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Rev Neurol. 2007 May 21;44 Suppl 3:S47-9.

[Attention deficit hyperactivity disorder: in favour of the organic origin].

[Article in Spanish]

Author information

1
Hospital Infantil Universitari La Fe, 46009 Valencia, Espana. fernando.mulas@invanep.es

Abstract

AIM:

To review the neurobiological findings that evidence the organicity of attention deficit hyperactivity disorder (ADHD).

DEVELOPMENT:

The manifest inheritability favours the idea of a genetic base for the disorder. Functional neuroimaging techniques enable us to observe how the brains of ADHD patients function in real time. The most relevant work carried out in the field of neuroanatomy shows that the brains of children with ADHD are smaller and the same is also true of the cerebellum. On analysing more advanced techniques like magnetoencephalography, neurophysiological and functional studies have also revealed the existence of differences compared to healthy subjects.

CONCLUSIONS:

Genetic tests have made it possible to focus research towards specific neurotransmitter systems, although the results are far from conclusive. Children with ADHD present alterations in their brain anatomy and neurophysiology, and magnetoencephalography studies have revealed an alteration in very early phases of information processing (before 200 ms). They have an early immature response in the left inferior parietal lobe, as well as in the posterior-superior temporal gyrus, and there is hardly any reaction in the anterior cingulate cortex. This implies that, although they perceive the stimulus and even display a stronger reaction to it, they do not process it as an interactive signal in the sector of the cingulate cortex. These data support the neurobiological bases of ADHD and, together with others, will allow for the production of endophenotypical classifications based on biological and, in the longer term, genetic evidence.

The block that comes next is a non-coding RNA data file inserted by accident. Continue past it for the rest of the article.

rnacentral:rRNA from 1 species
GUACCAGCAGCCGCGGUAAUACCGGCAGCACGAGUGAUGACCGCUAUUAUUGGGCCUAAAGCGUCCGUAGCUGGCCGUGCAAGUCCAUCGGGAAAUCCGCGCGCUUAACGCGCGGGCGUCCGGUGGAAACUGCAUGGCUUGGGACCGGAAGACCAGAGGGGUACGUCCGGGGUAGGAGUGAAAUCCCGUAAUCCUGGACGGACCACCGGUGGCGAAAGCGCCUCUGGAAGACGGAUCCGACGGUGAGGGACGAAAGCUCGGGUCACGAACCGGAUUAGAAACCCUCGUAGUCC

PMID:
17523111
[Indexed for MEDLINE]

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